Earl of Ormond

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Earl of Ormond (Scotland)


The title Earl of Ormond was twice created in the Peerage of Scotland, both times for members of the Douglas family. The first creation was in 1445 for a brother of the 8th and 9th Earls of Douglas. He forfeited the earldom in 1455, at the same time as the 9th Earl of Douglas lost his titles.
The second Scottish creation was in 1651, and became extinct in 1715.

The Earldom of OrmThe Earldom of Ormonde, and later Marquisate of Ormond, in the Peerage of Scotland, originates from the caput of Ormond Castle at Avoch in the Black Isle, held by the Douglas family when they first obtained the title. Between 1488 and 1504 it was a subsidiary title of the Dukes of Ross, until the latter's extinction in 1504. It was created a second time in 1600 as a subsidiary title for the future King Charles I, the Duke of Albany. The title merged with the crown in 1625, and there it has remained.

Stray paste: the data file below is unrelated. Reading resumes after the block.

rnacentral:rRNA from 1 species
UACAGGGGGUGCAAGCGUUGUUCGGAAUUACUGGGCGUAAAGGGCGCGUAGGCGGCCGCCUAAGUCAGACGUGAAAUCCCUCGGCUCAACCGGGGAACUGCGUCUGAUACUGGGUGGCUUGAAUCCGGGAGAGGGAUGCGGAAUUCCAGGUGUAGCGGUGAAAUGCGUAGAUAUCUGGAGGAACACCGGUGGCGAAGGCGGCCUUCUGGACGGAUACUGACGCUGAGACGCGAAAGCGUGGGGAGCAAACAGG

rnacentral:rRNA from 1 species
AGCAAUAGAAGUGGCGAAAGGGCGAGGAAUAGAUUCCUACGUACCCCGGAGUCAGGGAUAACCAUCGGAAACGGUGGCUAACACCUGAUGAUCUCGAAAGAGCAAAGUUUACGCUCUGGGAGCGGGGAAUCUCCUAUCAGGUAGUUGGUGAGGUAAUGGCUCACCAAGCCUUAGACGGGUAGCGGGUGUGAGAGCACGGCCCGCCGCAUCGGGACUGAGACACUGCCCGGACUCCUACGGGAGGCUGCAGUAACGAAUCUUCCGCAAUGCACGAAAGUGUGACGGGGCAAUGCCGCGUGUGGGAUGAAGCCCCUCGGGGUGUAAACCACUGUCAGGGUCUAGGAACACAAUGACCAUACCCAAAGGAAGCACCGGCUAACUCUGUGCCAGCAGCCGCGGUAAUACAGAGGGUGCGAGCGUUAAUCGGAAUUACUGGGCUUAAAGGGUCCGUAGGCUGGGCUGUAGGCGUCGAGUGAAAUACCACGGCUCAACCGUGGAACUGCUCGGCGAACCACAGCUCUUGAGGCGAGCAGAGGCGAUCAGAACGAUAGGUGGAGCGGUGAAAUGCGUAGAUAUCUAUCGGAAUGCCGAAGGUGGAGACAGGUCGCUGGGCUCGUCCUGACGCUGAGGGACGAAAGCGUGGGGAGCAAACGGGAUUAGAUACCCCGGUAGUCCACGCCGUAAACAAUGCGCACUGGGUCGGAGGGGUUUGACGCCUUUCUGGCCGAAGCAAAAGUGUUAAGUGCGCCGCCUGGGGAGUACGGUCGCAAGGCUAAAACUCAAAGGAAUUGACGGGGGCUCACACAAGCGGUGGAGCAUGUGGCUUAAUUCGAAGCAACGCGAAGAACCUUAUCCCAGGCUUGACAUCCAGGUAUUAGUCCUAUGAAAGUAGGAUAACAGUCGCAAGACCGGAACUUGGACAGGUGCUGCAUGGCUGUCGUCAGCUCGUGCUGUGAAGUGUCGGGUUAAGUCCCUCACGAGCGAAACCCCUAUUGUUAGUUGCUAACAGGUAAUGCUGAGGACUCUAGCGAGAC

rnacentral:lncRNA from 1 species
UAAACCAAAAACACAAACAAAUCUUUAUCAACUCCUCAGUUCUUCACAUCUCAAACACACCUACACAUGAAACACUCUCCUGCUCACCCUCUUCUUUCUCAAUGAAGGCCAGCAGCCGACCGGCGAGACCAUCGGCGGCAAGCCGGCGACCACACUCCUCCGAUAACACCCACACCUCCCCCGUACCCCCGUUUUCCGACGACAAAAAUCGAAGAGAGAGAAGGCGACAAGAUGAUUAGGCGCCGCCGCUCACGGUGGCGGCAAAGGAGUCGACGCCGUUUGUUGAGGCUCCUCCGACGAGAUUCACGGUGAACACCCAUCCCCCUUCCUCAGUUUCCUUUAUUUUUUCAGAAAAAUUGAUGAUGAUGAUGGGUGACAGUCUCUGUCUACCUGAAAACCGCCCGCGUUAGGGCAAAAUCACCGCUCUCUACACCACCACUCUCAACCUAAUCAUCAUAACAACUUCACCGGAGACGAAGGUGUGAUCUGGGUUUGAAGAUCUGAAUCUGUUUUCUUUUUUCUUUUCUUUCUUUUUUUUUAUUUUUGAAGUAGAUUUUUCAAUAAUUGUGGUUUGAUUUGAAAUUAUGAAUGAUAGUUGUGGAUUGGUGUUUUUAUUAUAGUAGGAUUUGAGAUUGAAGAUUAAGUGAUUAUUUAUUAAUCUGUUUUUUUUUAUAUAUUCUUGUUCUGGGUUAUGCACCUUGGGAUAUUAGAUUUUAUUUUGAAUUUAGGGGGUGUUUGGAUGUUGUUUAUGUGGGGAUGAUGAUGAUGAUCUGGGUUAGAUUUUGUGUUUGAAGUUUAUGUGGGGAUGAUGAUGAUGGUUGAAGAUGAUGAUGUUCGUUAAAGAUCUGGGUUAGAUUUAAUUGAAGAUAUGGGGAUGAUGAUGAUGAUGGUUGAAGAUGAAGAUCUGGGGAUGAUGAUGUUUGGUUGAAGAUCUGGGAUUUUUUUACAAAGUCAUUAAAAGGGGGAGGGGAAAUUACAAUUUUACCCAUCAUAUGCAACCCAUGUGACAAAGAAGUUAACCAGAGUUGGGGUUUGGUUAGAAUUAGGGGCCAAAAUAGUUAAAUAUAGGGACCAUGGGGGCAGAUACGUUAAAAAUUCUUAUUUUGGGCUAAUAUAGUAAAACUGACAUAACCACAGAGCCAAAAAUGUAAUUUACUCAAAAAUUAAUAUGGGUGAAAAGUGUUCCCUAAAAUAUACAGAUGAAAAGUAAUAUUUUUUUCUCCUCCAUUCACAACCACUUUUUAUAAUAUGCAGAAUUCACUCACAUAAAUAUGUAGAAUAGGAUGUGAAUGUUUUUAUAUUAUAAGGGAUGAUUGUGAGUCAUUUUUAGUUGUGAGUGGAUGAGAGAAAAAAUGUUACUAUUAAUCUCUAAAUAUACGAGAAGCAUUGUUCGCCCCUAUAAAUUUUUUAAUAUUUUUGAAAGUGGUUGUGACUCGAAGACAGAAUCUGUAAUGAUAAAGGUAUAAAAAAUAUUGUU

Earls of Ormond, first creation (1445)
Hugh Douglas, Earl of Ormond (d. 1455) (forfeit 1455)

Earls of Ormond, second creation (1651)
Subsidiary title of this Earldom was Lord Bothwell and Hartside (Peerage of Scotland, 1651).
Archibald Douglas, Earl of Angus and 1st Earl of Ormond (c. 1609–1655), son of the 1st Marquess of Douglas.
On the earl's death the earldom passed to his younger son, who was also created Earl of Forfar in 1661.

Earls of Forfar (1661)
Subsidiary title to this Earldom was Lord Wandell and Hartside (Peerage of Scotland, 1661).
Archibald Douglas, 1st Earl of Forfar and 2nd Earl of Ormond (1653–1712), younger son of the 1st Earl of Ormonde.
Archibald Douglas,orfar and 3rd Earl of Ormond (1692–1715) On his death without issue in 1715, both earldoms became extinct.

 

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Last modified: Saturday, 18 March 2017